Anuj Khanduja has over 20 years of experience in Digital Payments & Telecom across multiple product lines. Before joining MBS, he was Head – Product Management (Financial Inclusion) with Nucleus Software. He led product development for various successful B2B and B2C products where he was instrumental in leading product development and deployments from scratch. He has experience of working in multiple geographies like Africa, Middle East and Latin America. Anuj is a B-Tech in Computer Science and MBA from MDI with specialization in IT & Marketing.
The pandemic truly altered the way we live our lives. As we step into this next phase of the recovery, the future is uncertain in many ways. Financial services organizations are functioning in a changing world, the one that is constantly evolving. From banking and investment management to commercial real estate, financial services firms have a no-turning-back opportunity to shape their and the industry’s future.
Majorly, services will be driven by the boom in technology and the adoption of digital services since the pandemic. At an adoption rate of 87% in financial inclusion, Indian regulators, industry bodies, banks, and fintech have worked together to establish a finer economy. According to a report by Boston Consulting Group (BCG) and the Federation of Indian Chambers of Commerce and Industry (FICCI), the country’s fintech sector is estimated to be about $150-160 billion by the year 2025.
The onset of the pandemic has given a certain push to welcome digital, and API based banking in the country. Bank accounts opened under the Government’s flagship financial inclusion drive Pradhan Mantri Jan Dhan Yojana (PMJDY) reached 43.04 crores. Deposits in Jan Dhan bank accounts stood at more than Rs. 146,231 crores. These schemes have created the required banking infrastructure to enable financial inclusion, but a lot must be done to provide opportunities to access these services. Across sectors, financial organizations could overcome challenges and soar to new heights by prioritizing digital transformation.
The Government and regulators have created a conducive environment for enhancing this industry and achieving strategic objectives of financial inclusion i.e., to provide affordable and timely availability of financial services to the masses. The extension of facilities of banking services supported by Business Correspondents (BC) is further enhancing the financial inclusion and equality of opportunities to access financial services within rural masses. These agent networks of BC are easing out the pain points of customers in accessing financial services in rural areas. These agents have built trust relationships with customers through basic banking services using AePS (Aadhaar enabled Payment System) and value-added services etc.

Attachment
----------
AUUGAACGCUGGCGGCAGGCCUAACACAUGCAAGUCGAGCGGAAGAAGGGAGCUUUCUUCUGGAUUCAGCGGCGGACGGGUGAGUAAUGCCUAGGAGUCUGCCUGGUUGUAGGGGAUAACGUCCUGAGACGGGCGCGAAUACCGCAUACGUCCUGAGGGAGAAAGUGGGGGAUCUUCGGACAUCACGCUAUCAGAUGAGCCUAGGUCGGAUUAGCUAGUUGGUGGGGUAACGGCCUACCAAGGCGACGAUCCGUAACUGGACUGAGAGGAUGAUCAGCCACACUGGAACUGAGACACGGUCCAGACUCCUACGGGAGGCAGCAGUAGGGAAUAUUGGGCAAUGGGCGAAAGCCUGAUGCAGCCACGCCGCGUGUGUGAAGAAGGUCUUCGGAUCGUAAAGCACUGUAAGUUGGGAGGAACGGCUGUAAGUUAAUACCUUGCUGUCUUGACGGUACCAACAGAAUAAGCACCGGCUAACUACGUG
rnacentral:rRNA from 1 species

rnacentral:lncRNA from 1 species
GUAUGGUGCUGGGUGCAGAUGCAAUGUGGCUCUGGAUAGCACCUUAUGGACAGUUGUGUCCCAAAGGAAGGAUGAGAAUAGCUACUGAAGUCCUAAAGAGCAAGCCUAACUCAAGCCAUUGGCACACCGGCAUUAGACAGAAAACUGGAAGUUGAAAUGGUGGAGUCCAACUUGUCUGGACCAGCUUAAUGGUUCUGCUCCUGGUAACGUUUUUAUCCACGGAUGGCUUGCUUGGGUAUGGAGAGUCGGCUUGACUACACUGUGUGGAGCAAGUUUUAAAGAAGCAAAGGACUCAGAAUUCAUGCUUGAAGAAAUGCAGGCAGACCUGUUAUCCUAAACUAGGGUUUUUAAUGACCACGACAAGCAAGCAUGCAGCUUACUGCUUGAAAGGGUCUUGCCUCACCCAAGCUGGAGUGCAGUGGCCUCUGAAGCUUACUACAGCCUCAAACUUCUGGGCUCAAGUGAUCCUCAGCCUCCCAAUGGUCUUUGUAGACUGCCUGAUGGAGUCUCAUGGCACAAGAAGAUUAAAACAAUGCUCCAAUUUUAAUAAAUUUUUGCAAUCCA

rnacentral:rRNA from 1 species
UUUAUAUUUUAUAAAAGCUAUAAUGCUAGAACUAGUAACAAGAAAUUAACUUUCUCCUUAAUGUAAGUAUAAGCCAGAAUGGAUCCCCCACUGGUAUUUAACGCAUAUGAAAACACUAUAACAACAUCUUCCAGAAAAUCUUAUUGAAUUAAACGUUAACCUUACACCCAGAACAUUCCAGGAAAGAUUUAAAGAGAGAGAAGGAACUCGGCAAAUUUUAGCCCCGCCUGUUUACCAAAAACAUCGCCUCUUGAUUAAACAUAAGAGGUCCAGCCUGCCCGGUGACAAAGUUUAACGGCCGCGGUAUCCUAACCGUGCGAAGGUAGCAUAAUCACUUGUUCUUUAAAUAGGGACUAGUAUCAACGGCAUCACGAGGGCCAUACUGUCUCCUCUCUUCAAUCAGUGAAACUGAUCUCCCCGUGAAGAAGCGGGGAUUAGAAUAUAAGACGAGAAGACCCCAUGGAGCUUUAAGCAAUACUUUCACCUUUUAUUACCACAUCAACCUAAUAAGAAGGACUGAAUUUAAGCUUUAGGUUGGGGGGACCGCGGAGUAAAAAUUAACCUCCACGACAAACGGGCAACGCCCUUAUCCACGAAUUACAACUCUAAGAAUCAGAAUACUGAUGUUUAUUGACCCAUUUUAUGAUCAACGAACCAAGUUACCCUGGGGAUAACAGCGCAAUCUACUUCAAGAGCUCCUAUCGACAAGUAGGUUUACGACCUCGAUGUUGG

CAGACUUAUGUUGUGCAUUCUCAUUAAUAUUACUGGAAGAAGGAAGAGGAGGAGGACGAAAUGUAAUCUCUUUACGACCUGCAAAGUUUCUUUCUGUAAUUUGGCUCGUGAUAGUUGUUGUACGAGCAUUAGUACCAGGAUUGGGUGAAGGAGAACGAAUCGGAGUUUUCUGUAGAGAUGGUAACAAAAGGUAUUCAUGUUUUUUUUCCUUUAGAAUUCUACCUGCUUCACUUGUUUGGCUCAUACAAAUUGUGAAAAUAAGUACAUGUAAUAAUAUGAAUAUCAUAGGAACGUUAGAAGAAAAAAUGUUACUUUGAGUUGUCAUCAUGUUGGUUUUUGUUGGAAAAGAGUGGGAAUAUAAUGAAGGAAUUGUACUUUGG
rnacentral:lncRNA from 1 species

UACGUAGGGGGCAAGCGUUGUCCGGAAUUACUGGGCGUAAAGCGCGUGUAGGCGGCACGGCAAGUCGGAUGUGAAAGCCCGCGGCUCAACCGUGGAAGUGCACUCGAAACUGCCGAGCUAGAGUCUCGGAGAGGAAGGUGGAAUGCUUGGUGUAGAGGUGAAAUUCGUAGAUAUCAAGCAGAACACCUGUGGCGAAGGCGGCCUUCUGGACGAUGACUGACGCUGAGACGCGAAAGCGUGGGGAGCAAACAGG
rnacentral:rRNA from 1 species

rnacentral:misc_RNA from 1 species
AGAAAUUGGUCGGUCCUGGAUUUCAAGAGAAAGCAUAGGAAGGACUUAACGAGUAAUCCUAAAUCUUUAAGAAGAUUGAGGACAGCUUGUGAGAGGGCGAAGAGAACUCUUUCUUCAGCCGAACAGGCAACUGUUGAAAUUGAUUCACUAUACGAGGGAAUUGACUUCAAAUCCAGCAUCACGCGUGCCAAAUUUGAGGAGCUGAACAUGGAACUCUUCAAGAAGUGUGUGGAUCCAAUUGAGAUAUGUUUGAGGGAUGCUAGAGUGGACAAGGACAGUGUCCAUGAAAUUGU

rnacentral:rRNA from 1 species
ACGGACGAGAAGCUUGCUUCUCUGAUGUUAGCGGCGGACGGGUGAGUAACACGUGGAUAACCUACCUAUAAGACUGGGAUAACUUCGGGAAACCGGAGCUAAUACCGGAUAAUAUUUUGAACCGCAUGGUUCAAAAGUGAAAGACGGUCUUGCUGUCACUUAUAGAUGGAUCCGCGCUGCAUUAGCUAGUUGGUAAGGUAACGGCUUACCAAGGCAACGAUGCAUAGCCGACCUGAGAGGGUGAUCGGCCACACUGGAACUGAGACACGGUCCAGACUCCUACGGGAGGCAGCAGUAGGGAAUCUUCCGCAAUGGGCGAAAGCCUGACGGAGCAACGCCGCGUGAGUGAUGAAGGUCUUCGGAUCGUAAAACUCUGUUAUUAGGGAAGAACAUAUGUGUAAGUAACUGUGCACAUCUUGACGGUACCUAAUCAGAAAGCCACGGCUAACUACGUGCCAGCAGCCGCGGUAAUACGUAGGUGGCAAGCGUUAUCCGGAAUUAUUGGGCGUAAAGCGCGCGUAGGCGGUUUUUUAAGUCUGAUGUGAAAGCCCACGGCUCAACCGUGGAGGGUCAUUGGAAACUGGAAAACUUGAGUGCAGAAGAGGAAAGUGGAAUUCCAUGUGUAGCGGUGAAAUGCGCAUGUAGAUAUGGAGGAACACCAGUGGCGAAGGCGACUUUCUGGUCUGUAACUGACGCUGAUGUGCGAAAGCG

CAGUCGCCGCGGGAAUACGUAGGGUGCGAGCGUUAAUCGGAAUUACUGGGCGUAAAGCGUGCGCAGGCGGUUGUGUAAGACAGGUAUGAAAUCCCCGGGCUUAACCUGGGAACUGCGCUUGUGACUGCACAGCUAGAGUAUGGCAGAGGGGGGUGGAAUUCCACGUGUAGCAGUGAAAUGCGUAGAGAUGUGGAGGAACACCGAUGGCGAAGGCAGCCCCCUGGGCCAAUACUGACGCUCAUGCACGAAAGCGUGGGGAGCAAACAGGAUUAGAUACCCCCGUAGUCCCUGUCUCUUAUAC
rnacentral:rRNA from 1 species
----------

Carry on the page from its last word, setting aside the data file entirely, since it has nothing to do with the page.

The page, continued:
A key focus area for FY-22 would be in the expansion of outreach of financial services through the vast existing BC network, to the areas not currently covered by Banks and offer a bouquet of services to customers like hassle-free micro-credit, insurance and payments. The objective should be to bring low-income groups into formal banking services ambit and protect their income, wealth and other resources.
Insurance is the most under-penetrated financial service in India with an insurance penetration of 4% for FY 21 . With the growing awareness of the need for protection especially in post-pandemic period, customers (including rural) have realized the need for insurance services. Such services including general and life insurance will enable them to safeguard against unforeseen circumstances. Companies need to focus on building awareness and coming up with innovative products which would suit the needs of the masses in rural areas e.g., crop insurance etc. BC channels would play a major role in taking these products to the masses through their vast agent network and help achieve the vision of ‘Surakshit Bharat’.
Low penetration of lending to retail and MSME segments in rural areas is also an opportunity where banks can offer better user experience and faster turn-around in lending through their BC partners. These networks of agents can also play a major role in generating leads along with servicing borrowers & collections and hence help decongest the branches. These networks enjoy significant operating cost advantages as compared to Bank branches.
With the growing demand for financial services owing to the rapid expansion of mobile and internet, there is a need for stringent data privacy and cybersecurity policies. Security aspects would play a key role as with the advent of digital payment there are increasing cases of frauds/hacks and identity thefts being reported. People at the bottom of the pyramid are more prone to hacks as they are inexperienced with digital financial transactions. Recently, RBI introduced new auto-debit rules mandating additional factors of authentication, effective 01, Oct 2021 to improve the safety and security of card transactions. Adequate precautions need to be strengthened to address issues of cybersecurity, data confidentiality, mis-selling, customer protection and grievance redress through appropriate financial education and awareness programs by the private and public sector institutions.
Given these trends, going ahead, the sector will truly see monumental growth whilst creating many opportunities for various players to join and play their unique roles.